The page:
I am fascinated that many creatures are aware of plant poisons and know they must not nibble on them. I got all excited when I was told that rhodendron flowers were toxic to honey bees. I had just planted three rhododendrons! But just in time I learned that bumblebees love rhododendron flowers and that the honey bees had zip interest in them. I can relax and enjoy my rhodies, knowing that visiting pollinators are safe. I don’t think there is anyone else of my acquaintance who might be tempted to nibble at the flowers or the foliage.

Rhododendrons – avoided by honey bees but delighting bumblebees

While we should all be aware of the toxicity of the plants in our gardens, I do not think we need to avoid these plants, we just need to be aware of the dangers. I don’t have children in my garden anymore, nor do I have pets. The squirrels and rabbits who visit must take their chances, but I actually think they are much too smart to eat anything that would upset their little stomachs.

Some houseplants are toxic as well.  Cyclamen, spathiphyllum, philodendron, kalanchoe, pothos,  and scheffleras are all dangerous for cats. Bouquets can sometimes be toxic. Lilies are highly toxic to cats who might nibble on the petals, stamens or even the roots after they knock the vase over.

You can go online to find out about the toxicity of garden plants. Cornell has a database listing poisonous plants that can hurt livestock and other animals like humans at I can tell you that the AMA Handbook of poisonous and injurious plants by Kenneth Lampe published by the American Medical Association and The Handbook of poisonous and injurious plants by Lewis Nelson are both available through our local library system.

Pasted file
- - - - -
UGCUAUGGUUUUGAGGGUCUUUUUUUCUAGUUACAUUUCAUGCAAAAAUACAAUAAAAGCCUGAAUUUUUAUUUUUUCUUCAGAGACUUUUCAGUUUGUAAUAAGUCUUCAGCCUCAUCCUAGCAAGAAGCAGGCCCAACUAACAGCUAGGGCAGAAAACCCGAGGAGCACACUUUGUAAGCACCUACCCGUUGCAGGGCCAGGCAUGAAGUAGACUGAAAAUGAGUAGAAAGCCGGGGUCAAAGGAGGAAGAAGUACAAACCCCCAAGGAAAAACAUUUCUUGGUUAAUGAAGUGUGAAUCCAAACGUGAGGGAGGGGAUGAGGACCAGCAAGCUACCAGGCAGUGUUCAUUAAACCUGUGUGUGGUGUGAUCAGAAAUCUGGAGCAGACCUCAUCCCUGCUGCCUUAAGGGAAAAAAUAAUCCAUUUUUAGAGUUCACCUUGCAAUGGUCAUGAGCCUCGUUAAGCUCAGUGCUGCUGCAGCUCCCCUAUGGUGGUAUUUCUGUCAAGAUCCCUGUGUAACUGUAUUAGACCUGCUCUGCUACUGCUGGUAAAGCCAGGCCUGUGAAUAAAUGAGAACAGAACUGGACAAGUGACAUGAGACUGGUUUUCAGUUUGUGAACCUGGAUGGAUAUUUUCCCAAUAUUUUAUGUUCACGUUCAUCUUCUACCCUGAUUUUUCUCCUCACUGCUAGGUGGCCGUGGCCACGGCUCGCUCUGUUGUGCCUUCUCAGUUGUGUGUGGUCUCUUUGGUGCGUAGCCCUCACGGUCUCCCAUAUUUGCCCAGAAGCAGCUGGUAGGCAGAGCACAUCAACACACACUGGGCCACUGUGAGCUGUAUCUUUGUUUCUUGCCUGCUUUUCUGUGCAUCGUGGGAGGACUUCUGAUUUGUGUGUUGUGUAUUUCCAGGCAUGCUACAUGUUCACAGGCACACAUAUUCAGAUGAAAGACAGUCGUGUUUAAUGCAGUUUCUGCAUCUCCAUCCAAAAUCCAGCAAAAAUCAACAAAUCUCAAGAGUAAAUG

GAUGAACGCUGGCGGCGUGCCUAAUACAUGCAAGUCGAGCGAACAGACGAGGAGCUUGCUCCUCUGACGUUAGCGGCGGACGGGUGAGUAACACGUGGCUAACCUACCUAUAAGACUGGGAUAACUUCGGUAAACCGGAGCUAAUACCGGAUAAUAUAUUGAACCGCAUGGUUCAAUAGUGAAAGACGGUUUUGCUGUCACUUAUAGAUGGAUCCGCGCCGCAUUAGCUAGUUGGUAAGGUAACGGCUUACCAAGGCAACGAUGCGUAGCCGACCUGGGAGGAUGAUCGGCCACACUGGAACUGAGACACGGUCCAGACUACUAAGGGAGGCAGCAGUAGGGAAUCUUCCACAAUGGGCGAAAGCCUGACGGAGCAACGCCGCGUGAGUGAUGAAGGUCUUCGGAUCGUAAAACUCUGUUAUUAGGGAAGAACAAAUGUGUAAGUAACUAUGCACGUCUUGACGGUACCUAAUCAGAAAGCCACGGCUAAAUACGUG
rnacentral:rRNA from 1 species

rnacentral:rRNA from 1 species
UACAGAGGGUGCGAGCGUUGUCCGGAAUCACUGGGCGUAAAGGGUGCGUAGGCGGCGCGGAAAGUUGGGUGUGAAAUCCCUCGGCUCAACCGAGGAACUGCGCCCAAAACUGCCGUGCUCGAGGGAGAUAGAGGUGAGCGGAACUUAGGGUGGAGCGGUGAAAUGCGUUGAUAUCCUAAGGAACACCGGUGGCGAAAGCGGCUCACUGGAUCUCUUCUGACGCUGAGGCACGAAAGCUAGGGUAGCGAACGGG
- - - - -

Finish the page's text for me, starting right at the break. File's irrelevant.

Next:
Wicked Plants by Amy Stewart
Wicked Plants by Amy Stewart

One of my favorite garden writers is Amy Stewart. An early book she wrote is titled Wicked Plants: The Weed that Killed Lincoln’s Mother and Other Botanical Atrocities. This fascinating book tells the story, among others, that you don’t even need to eat a certain plant to have it kill you. Nancy Hanks, Abraham Lincoln’s mother, didn’t eat the Eupotorium rugosum that caused delirium, tremors, weakness and ultimately death. It was the cow she milked that ate the white snakeroot making its milk poisonous. In 1818 when Hanks died Abraham Lincoln was only nine years old. Milk sickness was not an unheard of ailment. It was a problem for cows, as well as for those who drank their milk. Areas where the weed grew in pastures even came to be called Milk Sick Ridge and Milk Sick Holler. It was not until the 1920s that the cause of milk sickness was identified.